It wasn't really a sneer that British pop star Rita Ora shot me as I wandered into a plush hotel suite in Auckland where she was holed up doing interviews. But it was a look that had a hint of, "I wonder what original questions this guy's going to ask me?"
Don't get me wrong, I liked her, and despite an initial bit of attitude, where she was getting lippy about the gangsta rap significance of two teardrop jewels stuck decoratively on her cheeks ("I've killed two people. The two journalists that were in here before you"), we had a great chat about everything from why the Brits are more musically adventurous than her American counterparts, to how she's changed since becoming famous.
Anyway, you can hardly blame the 22-year-old up-and-coming pop star, who was in New Zealand last week for a show, for being bored silly. She had been plonked on the couch all afternoon as local media were trotted in and out to talk to her. In between interviews she was preened and pampered by makeup artists to make her look constantly pretty. Actually, she's more beautiful than pretty with her strong Eastern European features (she was born in Kosovo and raised in London) making her striking. Now then, I've always been of the belief that being a pop star is a job - and a bloody great one too if you can control the amount of booze and other stuff you guzzle. But behind all that glitz, glamour and rubbing shoulders with Jay-Z and Beyonce sort of stuff (which Ora does), it's a tough life, with plenty of late nights followed by the drudgery of early morning radio interviews for example.
The thing that struck me about Ora was the fact she wasn't very well. She was lucky to be performing here at all after cancelling a number of performances in Australia the previous week because of a throat infection.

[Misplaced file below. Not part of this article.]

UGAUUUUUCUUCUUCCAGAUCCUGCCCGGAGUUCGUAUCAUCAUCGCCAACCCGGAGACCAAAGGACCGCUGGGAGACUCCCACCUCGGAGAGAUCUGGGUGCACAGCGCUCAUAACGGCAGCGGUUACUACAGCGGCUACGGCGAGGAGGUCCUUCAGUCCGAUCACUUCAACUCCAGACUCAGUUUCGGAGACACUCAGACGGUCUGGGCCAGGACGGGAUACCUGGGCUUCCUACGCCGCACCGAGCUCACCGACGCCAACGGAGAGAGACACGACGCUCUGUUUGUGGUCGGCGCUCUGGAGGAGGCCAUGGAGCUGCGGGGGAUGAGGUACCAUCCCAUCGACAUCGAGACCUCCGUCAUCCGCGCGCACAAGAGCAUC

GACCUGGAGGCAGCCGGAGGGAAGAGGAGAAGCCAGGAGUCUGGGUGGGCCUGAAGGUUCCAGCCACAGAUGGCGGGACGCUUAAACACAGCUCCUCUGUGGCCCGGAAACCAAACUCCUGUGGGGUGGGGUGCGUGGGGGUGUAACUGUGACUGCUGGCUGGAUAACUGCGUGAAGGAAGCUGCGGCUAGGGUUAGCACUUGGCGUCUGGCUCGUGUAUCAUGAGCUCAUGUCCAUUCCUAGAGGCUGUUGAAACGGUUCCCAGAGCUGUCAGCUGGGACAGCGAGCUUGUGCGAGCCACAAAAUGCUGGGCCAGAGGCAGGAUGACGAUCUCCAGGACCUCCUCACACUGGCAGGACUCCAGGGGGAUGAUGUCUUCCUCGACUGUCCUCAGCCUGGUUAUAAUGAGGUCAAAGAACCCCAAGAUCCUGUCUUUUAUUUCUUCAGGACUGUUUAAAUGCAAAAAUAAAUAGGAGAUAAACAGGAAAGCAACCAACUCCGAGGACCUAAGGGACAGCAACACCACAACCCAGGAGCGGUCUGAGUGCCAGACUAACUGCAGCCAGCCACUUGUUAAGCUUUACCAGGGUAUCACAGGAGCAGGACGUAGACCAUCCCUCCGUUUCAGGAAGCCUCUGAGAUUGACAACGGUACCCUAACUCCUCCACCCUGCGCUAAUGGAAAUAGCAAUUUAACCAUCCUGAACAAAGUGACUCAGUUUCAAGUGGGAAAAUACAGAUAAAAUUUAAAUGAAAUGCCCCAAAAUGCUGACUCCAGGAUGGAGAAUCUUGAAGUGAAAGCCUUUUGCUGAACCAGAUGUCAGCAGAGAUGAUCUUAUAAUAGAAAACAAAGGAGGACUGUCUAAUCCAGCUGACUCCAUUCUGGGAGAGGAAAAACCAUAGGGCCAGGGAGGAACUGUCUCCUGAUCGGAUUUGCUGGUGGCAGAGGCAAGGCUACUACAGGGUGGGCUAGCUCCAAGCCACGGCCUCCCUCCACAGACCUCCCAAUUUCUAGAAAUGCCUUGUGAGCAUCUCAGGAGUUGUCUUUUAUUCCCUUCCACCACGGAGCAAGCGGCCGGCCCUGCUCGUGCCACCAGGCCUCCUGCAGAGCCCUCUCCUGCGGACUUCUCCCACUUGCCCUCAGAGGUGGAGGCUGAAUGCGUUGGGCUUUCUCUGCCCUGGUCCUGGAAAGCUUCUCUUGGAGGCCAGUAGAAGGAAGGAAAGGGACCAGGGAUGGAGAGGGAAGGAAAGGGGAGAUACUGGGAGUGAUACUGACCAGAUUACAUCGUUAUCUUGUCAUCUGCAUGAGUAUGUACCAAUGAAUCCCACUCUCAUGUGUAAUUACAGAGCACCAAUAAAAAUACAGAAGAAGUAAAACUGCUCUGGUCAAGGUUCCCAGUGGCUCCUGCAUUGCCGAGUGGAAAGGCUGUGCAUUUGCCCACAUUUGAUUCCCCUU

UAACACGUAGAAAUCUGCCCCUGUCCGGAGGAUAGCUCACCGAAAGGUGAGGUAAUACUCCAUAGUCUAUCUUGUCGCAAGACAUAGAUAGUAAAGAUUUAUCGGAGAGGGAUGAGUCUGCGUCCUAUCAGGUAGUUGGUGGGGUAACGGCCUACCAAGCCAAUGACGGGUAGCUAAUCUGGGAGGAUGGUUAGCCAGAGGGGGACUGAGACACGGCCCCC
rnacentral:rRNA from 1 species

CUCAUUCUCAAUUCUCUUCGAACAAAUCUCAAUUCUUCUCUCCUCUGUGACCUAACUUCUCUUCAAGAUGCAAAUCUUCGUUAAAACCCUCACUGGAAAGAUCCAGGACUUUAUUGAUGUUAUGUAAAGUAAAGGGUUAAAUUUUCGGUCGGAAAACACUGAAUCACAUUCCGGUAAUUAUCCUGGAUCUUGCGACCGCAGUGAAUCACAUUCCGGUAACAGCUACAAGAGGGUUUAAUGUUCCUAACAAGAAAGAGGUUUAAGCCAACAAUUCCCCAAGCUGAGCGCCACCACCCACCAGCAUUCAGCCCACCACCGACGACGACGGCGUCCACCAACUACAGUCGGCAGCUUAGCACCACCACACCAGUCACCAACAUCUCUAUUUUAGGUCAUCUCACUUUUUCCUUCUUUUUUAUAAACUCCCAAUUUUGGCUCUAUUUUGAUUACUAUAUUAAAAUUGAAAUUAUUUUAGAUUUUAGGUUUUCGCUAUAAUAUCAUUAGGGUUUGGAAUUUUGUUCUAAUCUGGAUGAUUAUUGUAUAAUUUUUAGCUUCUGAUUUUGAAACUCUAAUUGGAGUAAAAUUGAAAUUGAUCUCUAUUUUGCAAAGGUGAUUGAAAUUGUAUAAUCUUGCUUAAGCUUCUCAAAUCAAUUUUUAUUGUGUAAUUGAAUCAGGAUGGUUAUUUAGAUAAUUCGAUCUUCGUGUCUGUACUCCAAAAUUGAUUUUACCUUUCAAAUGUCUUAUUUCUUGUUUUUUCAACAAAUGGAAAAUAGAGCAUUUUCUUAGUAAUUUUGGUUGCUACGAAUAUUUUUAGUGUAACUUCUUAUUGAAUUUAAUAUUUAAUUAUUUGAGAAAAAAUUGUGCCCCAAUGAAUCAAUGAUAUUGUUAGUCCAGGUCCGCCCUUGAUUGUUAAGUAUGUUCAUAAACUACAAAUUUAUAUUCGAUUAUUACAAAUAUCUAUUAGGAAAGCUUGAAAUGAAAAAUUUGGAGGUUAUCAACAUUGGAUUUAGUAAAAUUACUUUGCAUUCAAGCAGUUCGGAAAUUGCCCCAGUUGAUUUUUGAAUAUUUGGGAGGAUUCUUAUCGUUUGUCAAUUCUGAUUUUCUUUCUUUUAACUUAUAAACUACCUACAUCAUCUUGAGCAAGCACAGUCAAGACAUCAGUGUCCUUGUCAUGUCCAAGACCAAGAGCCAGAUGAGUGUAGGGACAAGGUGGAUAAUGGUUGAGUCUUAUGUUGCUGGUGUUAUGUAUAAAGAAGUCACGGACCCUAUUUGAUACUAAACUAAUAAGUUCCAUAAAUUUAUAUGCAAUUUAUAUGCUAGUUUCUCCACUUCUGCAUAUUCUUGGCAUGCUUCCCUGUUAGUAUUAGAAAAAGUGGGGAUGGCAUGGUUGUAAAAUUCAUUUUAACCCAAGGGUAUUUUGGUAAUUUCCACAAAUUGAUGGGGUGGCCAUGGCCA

During TimeOut's brief meeting with her she was careful not to talk too loud before and after the interview, but once I told her "Rita, you're on", her faced snapped into a smile and she was chatty for our camera.
She seemed a little daunted by her itinerary which included a festival in Kuala Lumpur, a week of "promo" (meaning lots and lots of talking) in Japan, then to South America. Oh, the life of a pop star. I just told her to keep up the lemon and honey drinks.
I'm not saying Ora's time is up already, just that it's easy for pop stars to burn out. So, and I never thought I'd say this, let's have a little sympathy for the pop star shall we?
That white boy R&B pop prodigy Justin Timberlake looks as though he's found ways to deal with any chance of burn out - like going off for seven years and becoming an almost movie star, and a music and dotcom magnate.
You have to wonder if the fleet-footed one wasn't just a little bit worried about his comeback album The 20/20 Experience. But hey, after pep talks from people like his missus Jessica and Jay-Z (yes, him again), he was always going to deliver the goods and launch himself into another chart-topping pop campaign.
Still, maybe there's nothing wrong with burning out. Because to quote Neil Young, one of music's true survivors who plays with Crazy Horse tonight at Vector Arena, it's better to burn out than to fade away. Though he was thinking more about going out with a bang (and possibly a glass of whiskey in your hand) than being curled up on a couch with a lemon and honey drink.